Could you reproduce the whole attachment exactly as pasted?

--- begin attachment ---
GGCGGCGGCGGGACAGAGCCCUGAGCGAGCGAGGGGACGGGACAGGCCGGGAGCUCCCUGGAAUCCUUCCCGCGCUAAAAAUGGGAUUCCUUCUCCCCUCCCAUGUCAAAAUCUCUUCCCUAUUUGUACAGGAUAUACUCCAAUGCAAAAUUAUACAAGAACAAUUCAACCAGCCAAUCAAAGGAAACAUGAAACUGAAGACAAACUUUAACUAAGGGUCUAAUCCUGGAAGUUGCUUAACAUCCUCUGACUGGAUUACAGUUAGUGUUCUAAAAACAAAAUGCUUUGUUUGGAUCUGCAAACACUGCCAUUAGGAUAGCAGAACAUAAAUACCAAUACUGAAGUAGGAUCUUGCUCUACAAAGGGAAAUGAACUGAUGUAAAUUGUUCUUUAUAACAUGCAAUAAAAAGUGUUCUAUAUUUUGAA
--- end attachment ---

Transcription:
GGCGGCGGCGGGACAGAGCCCUGAGCGAGCGAGGGGACGGGACAGGCCGGGAGCUCCCUGGAAUCCUUCCCGCGCUAAAAAUGGGAUUCCUUCUCCCCUCCCAUGUCAAAAUCUCUUCCCUAUUUGUACAGGAUAUACUCCAAUGCAAAAUUAUACAAGAACAAUUCAACCAGCCAAUCAAAGGAAACAUGAAACUGAAGACAAACUUUAACUAAGGGUCUAAUCCUGGAAGUUGCUUAACAUCCUCUGACUGGAUUACAGUUAGUGUUCUAAAAACAAAAUGCUUUGUUUGGAUCUGCAAACACUGCCAUUAGGAUAGCAGAACAUAAAUACCAAUACUGAAGUAGGAUCUUGCUCUACAAAGGGAAAUGAACUGAUGUAAAUUGUUCUUUAUAACAUGCAAUAAAAAGUGUUCUAUAUUUUGAA